Maternal Newborn And Child Health (MNCH) Jigawa State

The Jigawa Maternal and Child Health (MNCH) Project, a collaborative effort between SLNI and the TY Danjuma Foundation, was initiated on 22nd April, 2024, with the primary goal of combating maternal and child mortality in Jigawa State, Nigeria. This report aims to provide an extensive overview of the program’s activities, challenges encountered, recommendations formulated, and overall conclusions drawn from its implementation. 


Maternal Education Session and Distribution of Birthing Kits 

The program commenced with a series of informative sessions carefully designed to cover critical aspects of Maternal Newborn and Child Health (MNCH). These sessions served as platforms for disseminating crucial information on prenatal and postnatal care, family planning, nutrition, hygiene practices, and the importance of routine immunizations. Sixty-three (63) pregnant women,

representing various communities across Dutse, Jigawa State, were provided with birthing kits meticulously crafted to ensure safe deliveries and adequate postnatal care. Each birthing kit contained essential items such as antiseptic soap, examination gloves, underlay pads, mucus extractors, umbilical cord strings, surgical blades, surgical gloves, and pieces of gauze. The provision of these kits aimed to empower expectant mothers with the necessary resources and support during childbirth, thereby reducing the risk of complications and promoting positive birth outcomes.

MNCH Educational Session with Fathers 

Moreover, the program emphasized the active involvement of fathers in discussions and educational sessions, recognizing their indispensable role in promoting maternal and child wellbeing. Thirty-two (32) Fathers were engaged in dialogues focusing on their responsibilities in supporting their partners throughout pregnancy, childbirth, and the postnatal period. Topics covered included family planning, maternal nutrition, Kangaroo Mother Care (KMC), Diaper changing and the identification and management of pregnancy-related complications. This inclusive approach aimed to foster a supportive environment within families, encouraging shared decision-making and mutual support in matters concerning maternal and child health.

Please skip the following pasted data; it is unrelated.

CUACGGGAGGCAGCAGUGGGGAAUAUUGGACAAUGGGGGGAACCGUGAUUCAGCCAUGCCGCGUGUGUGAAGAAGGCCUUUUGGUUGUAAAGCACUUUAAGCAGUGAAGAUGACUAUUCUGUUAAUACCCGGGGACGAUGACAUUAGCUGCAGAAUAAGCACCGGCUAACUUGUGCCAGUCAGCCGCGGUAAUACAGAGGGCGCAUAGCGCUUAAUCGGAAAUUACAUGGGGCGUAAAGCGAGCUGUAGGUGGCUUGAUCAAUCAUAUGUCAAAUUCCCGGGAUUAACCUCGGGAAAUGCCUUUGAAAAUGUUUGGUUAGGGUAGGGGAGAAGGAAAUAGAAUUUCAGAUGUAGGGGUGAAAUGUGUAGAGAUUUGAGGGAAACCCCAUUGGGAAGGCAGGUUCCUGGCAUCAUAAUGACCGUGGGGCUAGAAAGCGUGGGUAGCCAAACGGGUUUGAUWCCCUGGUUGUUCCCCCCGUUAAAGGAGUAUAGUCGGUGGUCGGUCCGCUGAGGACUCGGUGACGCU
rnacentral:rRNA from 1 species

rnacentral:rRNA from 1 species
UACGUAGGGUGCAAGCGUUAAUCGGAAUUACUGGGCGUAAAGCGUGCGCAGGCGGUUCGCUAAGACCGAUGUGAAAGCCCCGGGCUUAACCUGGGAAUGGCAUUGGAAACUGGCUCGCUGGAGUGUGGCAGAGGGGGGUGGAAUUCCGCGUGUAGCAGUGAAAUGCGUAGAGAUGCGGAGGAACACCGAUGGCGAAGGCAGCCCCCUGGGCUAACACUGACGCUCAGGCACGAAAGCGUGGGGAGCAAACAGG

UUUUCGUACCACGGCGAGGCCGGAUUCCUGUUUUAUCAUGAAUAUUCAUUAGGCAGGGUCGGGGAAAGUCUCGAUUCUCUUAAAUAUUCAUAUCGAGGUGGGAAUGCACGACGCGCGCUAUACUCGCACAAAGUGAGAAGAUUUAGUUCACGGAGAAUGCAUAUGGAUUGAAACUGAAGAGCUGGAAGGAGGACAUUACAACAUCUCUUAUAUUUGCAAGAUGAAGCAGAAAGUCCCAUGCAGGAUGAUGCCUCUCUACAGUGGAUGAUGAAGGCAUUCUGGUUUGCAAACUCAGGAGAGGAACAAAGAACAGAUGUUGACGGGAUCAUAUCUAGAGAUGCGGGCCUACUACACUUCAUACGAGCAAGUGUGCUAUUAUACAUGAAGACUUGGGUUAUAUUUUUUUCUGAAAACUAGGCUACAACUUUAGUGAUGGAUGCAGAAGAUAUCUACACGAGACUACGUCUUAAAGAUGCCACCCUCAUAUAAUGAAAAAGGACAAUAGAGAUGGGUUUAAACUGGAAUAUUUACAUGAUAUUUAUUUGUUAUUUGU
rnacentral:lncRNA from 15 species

Ultrasound Scan Session 

In addition to educational sessions and the distribution of birthing kits, the program facilitated access to essential healthcare services for pregnant women, particularly those with preexisting complications. Twenty-three pregnant women identified as high-risk cases received referrals for free ultrasound scans at Sambo Hospital, as the primary healthcare center lacked the necessary facilities to conduct such scans. This necessitated referrals to facilities equipped with the requisite ultrasound equipment, posing challenges for expectant mothers who had to cover a distance to access these facilities. This logistical challenge hindered some women from receiving timely and optimal healthcare during pregnancy, highlighting the need for improved access to essential services.  


The primary challenge encountered during program implementation was the lack of adequate facilities at primary healthcare centers to conduct ultrasound scans for expectant mothers. This resulted in referrals to distant facilities with the necessary equipment, posing logistical challenges and hindering timely access to essential healthcare services. 


To address the challenge of limited access to ultrasound scans, it is recommended to invest in upgrading the infrastructure and facilities at primary healthcare centers to enable the provision of comprehensive maternal and child health services, including prenatal diagnostic services. This may involve allocating resources for the procurement of ultrasound equipment and the training of healthcare personnel to operate such equipment effectively. Additionally, efforts should be made to decentralize healthcare services and establish satellite clinics equipped with ultrasound facilities in underserved areas to improve accessibility and reduce the burden on pregnant women. 


In conclusion, the Jigawa MNCH Project has made significant strides towards achieving its objectives of improving maternal and child health outcomes in the region, reaching a total of 95 expectant parents with Sixty-three (63) expectant mothers and Thirty-two (32) expectant fathers. The program’s comprehensive approach, which encompasses education, provision of essential resources, and access to healthcare services, has contributed to raising awareness and empowering expectant mothers and their families to make informed decisions regarding their health. However, challenges such as limited access to essential services, particularly ultrasound scans, highlight the need for continued efforts and investment in strengthening healthcare infrastructure and service delivery mechanisms. Moving forward, sustained collaboration and advocacy will be essential to address these challenges and ensure the continued improvement of maternal and child health outcomes in Jigawa State.

Kangaroo Mother Care (Skin-to-Skin Contact)

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Silver Lining For the Needy Initiative (SLNI) is an NGO in special Consultative Status with the Economic and Social Council of the United Nations.

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